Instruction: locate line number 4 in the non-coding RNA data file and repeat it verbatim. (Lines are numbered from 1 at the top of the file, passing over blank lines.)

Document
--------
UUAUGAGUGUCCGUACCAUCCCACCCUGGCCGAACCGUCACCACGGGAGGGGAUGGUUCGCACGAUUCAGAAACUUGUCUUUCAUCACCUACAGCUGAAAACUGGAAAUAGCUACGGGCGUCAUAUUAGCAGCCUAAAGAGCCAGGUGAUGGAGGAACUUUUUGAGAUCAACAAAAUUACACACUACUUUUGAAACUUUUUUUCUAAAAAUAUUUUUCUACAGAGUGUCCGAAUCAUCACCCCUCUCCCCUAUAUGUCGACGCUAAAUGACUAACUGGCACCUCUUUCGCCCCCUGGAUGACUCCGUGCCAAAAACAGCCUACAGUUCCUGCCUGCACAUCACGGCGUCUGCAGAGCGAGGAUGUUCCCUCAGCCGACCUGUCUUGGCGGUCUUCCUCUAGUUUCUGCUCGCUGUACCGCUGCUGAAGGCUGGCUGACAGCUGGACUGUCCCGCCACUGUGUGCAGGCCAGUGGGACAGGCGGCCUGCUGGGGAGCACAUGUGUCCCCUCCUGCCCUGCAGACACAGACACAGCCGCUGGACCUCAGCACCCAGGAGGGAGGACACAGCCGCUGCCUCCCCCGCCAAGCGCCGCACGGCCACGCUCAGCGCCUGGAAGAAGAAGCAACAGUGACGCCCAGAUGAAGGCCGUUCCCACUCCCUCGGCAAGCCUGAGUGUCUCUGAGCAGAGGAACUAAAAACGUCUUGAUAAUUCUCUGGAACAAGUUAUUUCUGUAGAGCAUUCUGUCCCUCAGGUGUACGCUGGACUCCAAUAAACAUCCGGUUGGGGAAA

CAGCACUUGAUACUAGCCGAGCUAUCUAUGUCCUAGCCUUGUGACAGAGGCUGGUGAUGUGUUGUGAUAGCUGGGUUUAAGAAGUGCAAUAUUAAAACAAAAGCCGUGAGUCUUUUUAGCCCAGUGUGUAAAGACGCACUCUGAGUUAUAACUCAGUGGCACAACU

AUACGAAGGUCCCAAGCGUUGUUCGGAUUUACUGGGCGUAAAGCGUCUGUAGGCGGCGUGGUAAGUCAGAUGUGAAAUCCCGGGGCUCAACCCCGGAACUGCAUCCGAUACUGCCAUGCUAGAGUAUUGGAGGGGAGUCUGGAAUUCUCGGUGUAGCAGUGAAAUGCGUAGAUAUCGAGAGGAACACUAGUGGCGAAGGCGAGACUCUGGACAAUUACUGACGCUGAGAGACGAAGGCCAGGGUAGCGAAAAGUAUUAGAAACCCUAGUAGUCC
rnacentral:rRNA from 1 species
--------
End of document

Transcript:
rnacentral:rRNA from 1 species